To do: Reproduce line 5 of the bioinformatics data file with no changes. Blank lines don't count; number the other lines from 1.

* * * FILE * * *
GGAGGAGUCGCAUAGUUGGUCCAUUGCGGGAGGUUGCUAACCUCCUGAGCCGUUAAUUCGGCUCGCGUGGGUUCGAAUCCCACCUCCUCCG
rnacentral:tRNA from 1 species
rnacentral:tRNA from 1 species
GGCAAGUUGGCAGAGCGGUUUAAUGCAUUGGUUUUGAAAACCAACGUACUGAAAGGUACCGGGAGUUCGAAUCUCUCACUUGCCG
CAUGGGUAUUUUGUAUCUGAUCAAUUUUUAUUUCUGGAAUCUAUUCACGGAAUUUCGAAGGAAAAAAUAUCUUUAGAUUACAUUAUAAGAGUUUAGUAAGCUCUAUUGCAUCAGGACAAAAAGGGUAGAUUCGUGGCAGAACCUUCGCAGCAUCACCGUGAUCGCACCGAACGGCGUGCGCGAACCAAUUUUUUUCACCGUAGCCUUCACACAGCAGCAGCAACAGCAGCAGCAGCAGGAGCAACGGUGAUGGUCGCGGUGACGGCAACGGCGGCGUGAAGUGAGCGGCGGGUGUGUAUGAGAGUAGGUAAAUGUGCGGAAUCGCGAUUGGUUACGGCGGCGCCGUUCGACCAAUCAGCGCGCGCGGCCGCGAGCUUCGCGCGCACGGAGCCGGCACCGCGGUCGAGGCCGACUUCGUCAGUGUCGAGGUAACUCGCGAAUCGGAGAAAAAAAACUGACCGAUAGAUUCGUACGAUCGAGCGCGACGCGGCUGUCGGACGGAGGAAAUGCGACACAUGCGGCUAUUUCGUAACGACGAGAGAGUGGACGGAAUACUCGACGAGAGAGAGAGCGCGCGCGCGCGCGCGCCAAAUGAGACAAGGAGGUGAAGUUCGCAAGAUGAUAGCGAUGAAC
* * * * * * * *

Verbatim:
CAUGGGUAUUUUGUAUCUGAUCAAUUUUUAUUUCUGGAAUCUAUUCACGGAAUUUCGAAGGAAAAAAUAUCUUUAGAUUACAUUAUAAGAGUUUAGUAAGCUCUAUUGCAUCAGGACAAAAAGGGUAGAUUCGUGGCAGAACCUUCGCAGCAUCACCGUGAUCGCACCGAACGGCGUGCGCGAACCAAUUUUUUUCACCGUAGCCUUCACACAGCAGCAGCAACAGCAGCAGCAGCAGGAGCAACGGUGAUGGUCGCGGUGACGGCAACGGCGGCGUGAAGUGAGCGGCGGGUGUGUAUGAGAGUAGGUAAAUGUGCGGAAUCGCGAUUGGUUACGGCGGCGCCGUUCGACCAAUCAGCGCGCGCGGCCGCGAGCUUCGCGCGCACGGAGCCGGCACCGCGGUCGAGGCCGACUUCGUCAGUGUCGAGGUAACUCGCGAAUCGGAGAAAAAAAACUGACCGAUAGAUUCGUACGAUCGAGCGCGACGCGGCUGUCGGACGGAGGAAAUGCGACACAUGCGGCUAUUUCGUAACGACGAGAGAGUGGACGGAAUACUCGACGAGAGAGAGAGCGCGCGCGCGCGCGCGCCAAAUGAGACAAGGAGGUGAAGUUCGCAAGAUGAUAGCGAUGAAC